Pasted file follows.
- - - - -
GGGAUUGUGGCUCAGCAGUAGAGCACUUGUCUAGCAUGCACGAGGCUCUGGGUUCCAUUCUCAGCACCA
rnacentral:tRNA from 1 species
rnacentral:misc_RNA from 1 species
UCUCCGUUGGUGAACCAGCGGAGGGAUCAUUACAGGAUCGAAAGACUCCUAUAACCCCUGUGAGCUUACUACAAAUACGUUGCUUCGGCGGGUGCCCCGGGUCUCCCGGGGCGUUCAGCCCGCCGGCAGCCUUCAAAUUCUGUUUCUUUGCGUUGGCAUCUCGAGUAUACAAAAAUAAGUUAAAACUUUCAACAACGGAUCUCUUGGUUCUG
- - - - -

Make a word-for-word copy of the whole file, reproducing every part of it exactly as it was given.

GGGAUUGUGGCUCAGCAGUAGAGCACUUGUCUAGCAUGCACGAGGCUCUGGGUUCCAUUCUCAGCACCA
rnacentral:tRNA from 1 species
rnacentral:misc_RNA from 1 species
UCUCCGUUGGUGAACCAGCGGAGGGAUCAUUACAGGAUCGAAAGACUCCUAUAACCCCUGUGAGCUUACUACAAAUACGUUGCUUCGGCGGGUGCCCCGGGUCUCCCGGGGCGUUCAGCCCGCCGGCAGCCUUCAAAUUCUGUUUCUUUGCGUUGGCAUCUCGAGUAUACAAAAAUAAGUUAAAACUUUCAACAACGGAUCUCUUGGUUCUG